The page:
We searched for patients admitted to the AC Camargo Cancer Center ICU using the Intensive Care Medicine Department database. We included patients aged 18 or more years-old, with pathologically confirmed diagnosis of stages III or IV (according to the 7th edition of the American Joint Committee on Cancer (AJCC) at the time of ICU admission) pancreatic adenocarcinoma, admitted to the ICU from 1 January 2008 to 31 December 2018 due to clinical complications. Patients were staged as stage III or IV based on pancreatic-specific abdominal CT and chest CT. Occasionally, patients would also undergo positron emission tomography/computed tomography (PET/CT)/CT and/or laparoscopy for staging purposes. We excluded patients with neuroendocrine tumours, those with concomitant malignancies and those admitted to the ICU to palliate symptoms or for post-procedural/post-operative monitoring. Only the first admission to the ICU due to medical reasons of a given patient was considered in this analysis.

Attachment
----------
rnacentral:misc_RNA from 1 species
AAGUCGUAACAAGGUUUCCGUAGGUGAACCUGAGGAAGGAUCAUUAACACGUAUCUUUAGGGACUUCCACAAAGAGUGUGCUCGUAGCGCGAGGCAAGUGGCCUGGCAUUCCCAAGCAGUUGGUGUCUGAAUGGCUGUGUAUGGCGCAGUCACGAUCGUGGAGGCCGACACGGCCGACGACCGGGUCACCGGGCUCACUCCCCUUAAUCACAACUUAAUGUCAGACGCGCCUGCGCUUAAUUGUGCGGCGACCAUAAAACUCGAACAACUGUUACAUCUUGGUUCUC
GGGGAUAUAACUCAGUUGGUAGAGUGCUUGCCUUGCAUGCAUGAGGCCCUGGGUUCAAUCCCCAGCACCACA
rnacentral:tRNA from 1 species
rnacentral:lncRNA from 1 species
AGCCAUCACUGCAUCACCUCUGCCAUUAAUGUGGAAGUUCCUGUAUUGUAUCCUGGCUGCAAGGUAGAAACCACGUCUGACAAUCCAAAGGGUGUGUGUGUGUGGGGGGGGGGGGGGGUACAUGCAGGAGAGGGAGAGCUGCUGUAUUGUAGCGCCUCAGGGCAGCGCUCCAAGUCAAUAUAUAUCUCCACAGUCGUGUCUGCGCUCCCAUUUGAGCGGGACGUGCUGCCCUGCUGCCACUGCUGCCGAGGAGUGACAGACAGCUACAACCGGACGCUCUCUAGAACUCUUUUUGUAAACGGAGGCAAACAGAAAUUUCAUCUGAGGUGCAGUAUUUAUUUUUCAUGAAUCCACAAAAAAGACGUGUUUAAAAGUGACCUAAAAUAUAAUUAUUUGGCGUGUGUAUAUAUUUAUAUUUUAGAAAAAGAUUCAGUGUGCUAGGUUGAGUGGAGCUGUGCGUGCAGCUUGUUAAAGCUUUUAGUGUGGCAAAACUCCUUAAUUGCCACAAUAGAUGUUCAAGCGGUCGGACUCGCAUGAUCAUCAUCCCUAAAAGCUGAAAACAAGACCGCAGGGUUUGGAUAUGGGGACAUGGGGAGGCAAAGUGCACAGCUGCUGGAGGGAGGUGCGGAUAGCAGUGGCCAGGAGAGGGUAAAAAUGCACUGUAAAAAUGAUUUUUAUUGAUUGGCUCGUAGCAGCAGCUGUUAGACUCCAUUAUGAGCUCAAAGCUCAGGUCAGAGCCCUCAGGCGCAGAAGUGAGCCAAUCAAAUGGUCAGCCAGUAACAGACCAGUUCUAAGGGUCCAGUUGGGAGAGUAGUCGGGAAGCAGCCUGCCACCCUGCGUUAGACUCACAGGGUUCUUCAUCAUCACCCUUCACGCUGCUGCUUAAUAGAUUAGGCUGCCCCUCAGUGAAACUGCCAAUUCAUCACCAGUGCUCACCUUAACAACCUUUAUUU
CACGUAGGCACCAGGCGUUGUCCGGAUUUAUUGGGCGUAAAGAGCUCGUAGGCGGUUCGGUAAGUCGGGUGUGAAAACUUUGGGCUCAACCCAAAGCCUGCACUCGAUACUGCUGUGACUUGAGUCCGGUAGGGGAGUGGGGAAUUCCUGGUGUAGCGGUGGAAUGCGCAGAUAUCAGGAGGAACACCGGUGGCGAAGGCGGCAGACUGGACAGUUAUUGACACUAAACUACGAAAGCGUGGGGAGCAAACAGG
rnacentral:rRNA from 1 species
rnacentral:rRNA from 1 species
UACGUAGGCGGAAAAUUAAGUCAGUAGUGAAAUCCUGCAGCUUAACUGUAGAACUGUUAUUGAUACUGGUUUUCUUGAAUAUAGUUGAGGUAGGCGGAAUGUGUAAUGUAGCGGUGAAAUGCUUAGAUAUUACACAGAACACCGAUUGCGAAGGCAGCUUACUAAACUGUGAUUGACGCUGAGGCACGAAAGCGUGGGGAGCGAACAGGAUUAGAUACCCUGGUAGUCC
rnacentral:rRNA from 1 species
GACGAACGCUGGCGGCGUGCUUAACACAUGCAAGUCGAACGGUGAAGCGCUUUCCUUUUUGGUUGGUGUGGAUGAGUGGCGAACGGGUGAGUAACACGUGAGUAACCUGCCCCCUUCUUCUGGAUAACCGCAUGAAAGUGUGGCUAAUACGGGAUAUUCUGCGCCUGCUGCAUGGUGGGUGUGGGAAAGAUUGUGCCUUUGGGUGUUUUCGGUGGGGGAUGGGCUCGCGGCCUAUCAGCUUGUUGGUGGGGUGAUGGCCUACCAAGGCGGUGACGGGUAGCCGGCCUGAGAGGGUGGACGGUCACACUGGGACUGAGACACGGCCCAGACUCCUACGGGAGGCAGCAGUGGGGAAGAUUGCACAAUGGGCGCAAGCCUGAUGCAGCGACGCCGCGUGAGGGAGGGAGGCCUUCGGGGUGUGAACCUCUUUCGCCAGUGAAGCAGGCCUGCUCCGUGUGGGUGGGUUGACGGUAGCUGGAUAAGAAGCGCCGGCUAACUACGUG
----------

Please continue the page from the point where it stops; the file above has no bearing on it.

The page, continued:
Variables